I have to say that I’ve never heard of anything so rediculous. Isn’t there any recourse to you? An appeal. perhaps? Have you contacted your Bishop’s office?
If they’re rejecting your son because he was baptized after his 2’nd birthday, then they need to read Galations 3:27-28. Also, tell whoever is descriminating against your son that our lord was baptized at the age of 30.
I am suprised that your bishop would not help you. Have you talked to your pastor?
The school continues to quote canon law at me
The only one that even remotely applies would be Can. 867 §1:
Parents are obliged to see that their infants are baptized within the first few weeks. As soon as possible after the birth, indeed even before it, they are to approach the parish priest to ask for the sacrament for their child, and to be themselves duly prepared for it.
And that Canon points out it is your failure to meet an obligation, not a fault of the child’s.

Any other stab at Canon law is likely smokescreen.

Heaven help a child in that Parish whose parents converted when the child was 5.
The problem is that the school has created a system where it thinks it can guarantee places to true catholics. Not adhering to canon law 867 is seen as an indication of not being a true catholic. The belief is that you have only had your child baptised to get them into the school. The priest has a hang up that people with children are only in his church for this reason. The Bishop is not prepared to challenge this and as the school has good exam results does not want to rock the boat. You have probably guessed that a lot of the parents who have had their children baptised before 2 are never seen again in the church after their children enter the school. In fact my older son (14) is only 1 of a handful of his age group that regularly attends mass and takes communion.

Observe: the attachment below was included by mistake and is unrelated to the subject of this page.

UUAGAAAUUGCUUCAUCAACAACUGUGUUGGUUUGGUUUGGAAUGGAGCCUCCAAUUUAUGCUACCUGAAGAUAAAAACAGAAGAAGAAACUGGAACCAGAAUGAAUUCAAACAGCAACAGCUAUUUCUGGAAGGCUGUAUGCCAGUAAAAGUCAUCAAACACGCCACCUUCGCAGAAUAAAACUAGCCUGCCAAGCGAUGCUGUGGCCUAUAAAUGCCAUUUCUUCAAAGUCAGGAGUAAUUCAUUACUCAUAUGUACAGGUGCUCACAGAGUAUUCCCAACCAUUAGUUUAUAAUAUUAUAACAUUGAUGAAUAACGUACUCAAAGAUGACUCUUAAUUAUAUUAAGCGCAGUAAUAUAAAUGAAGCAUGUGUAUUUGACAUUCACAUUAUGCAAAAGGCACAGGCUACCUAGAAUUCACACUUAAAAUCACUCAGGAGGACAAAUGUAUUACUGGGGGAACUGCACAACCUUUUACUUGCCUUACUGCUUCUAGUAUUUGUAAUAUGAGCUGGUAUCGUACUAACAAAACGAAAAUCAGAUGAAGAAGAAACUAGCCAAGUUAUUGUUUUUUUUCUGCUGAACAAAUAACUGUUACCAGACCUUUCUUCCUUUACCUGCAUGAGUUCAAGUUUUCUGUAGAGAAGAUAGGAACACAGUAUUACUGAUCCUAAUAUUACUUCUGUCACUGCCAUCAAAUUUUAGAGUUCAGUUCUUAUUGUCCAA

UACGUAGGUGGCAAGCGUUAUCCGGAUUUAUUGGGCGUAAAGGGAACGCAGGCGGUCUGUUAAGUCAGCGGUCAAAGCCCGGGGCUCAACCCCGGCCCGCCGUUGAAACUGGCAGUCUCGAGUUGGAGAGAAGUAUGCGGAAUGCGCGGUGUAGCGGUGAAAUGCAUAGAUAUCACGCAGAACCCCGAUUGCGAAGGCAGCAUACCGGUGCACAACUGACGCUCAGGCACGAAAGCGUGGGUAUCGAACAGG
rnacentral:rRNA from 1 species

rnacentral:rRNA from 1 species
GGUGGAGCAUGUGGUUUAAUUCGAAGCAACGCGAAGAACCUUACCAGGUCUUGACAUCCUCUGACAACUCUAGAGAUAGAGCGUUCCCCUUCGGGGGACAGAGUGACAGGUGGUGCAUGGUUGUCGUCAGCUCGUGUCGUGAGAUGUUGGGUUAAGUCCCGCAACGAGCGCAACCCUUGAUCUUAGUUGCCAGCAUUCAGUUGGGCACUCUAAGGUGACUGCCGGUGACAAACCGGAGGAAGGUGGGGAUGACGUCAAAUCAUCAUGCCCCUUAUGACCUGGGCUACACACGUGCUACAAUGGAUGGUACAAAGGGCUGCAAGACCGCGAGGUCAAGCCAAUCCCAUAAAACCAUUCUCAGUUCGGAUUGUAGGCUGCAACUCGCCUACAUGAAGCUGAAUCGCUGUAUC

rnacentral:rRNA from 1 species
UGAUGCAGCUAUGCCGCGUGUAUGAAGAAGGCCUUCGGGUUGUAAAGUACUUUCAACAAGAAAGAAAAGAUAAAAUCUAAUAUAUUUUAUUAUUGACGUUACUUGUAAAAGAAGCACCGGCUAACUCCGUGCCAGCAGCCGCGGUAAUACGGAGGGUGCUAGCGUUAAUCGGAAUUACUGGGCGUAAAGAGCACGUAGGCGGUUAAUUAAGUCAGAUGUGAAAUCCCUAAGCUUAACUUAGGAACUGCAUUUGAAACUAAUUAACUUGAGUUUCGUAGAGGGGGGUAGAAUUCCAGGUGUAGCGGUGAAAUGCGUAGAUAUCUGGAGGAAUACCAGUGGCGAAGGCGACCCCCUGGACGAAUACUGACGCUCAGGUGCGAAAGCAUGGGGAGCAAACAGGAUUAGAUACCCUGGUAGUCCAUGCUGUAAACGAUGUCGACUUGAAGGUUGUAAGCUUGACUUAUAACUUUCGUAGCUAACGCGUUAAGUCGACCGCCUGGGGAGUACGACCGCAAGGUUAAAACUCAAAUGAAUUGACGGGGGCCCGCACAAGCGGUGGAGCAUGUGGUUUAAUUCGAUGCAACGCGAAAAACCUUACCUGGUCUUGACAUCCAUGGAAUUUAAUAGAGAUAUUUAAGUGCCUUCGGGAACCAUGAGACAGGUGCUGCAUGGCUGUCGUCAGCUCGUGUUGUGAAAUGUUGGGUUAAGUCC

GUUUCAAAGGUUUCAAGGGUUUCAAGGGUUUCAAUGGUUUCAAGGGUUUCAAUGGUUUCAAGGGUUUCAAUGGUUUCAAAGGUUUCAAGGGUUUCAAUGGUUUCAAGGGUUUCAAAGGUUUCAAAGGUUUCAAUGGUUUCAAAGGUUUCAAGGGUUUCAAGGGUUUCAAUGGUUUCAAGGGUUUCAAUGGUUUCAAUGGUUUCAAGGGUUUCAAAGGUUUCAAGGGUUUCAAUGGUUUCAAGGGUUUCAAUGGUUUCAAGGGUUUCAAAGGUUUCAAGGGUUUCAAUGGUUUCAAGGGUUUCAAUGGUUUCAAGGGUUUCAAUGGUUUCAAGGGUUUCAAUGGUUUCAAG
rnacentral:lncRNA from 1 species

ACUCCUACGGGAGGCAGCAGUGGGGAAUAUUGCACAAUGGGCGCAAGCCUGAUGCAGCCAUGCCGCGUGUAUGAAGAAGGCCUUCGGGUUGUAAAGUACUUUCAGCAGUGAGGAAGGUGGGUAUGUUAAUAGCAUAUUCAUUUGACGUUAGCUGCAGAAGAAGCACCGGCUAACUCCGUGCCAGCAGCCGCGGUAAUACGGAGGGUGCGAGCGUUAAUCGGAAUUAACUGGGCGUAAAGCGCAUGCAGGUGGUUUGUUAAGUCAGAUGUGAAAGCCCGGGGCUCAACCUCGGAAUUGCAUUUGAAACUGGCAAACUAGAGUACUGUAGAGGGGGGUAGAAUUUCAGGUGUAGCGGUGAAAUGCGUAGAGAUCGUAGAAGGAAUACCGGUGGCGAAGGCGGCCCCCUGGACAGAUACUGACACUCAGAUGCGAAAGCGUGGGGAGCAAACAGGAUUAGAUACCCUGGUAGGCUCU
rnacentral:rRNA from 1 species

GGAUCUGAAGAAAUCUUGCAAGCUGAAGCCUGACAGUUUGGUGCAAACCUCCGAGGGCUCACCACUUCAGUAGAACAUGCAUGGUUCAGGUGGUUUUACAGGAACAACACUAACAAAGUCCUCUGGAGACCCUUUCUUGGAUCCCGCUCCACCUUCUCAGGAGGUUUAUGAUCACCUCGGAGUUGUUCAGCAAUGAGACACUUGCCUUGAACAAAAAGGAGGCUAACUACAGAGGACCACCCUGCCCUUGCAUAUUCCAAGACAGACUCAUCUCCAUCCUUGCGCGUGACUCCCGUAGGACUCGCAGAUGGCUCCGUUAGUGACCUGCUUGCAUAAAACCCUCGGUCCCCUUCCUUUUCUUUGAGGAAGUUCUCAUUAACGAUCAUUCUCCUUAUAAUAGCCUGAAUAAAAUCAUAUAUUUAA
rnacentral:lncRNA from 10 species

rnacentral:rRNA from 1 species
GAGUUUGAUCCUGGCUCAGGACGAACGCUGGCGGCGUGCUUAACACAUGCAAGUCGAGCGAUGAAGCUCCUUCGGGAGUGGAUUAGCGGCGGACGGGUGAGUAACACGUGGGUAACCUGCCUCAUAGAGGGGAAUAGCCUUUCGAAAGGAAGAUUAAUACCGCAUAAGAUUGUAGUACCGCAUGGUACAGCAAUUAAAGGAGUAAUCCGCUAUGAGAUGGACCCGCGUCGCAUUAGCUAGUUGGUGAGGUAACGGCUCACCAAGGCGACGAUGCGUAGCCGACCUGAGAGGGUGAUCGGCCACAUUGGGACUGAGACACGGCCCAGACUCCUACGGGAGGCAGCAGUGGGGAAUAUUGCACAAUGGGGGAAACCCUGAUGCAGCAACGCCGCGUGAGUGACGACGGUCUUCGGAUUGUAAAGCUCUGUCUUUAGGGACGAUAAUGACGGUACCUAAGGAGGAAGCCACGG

There must be some way that it is possible to appeal against a judgement based on canon law. I think I will find that there is not because there is no expectation that an event like this would ever occur.
Would you please provide the #'s of the Canons that they are using to justify this. You need to speak with the vicar of Education in your diocese. You could also seek out a Canon Lawyer and request a hearing before the tribunal of the diocese about this discrimination against Baptized Catholics by a parish school. The new code of Canon Law has in it something that was missing from the old code. A specific section stating the rights of the Faithful. In this scetion is where you will find the necessary support against this misuse of the Baptismal canon.
Dear Br. Rich SFO

Thanks for this. The canon law they are using is 867.

I have looked at the rights of the faithful and it looks useful. for anyone interested

I think I will use some of this in a letter to the Bishop.

Anyone know how you get access to an Ecclesiastical Court?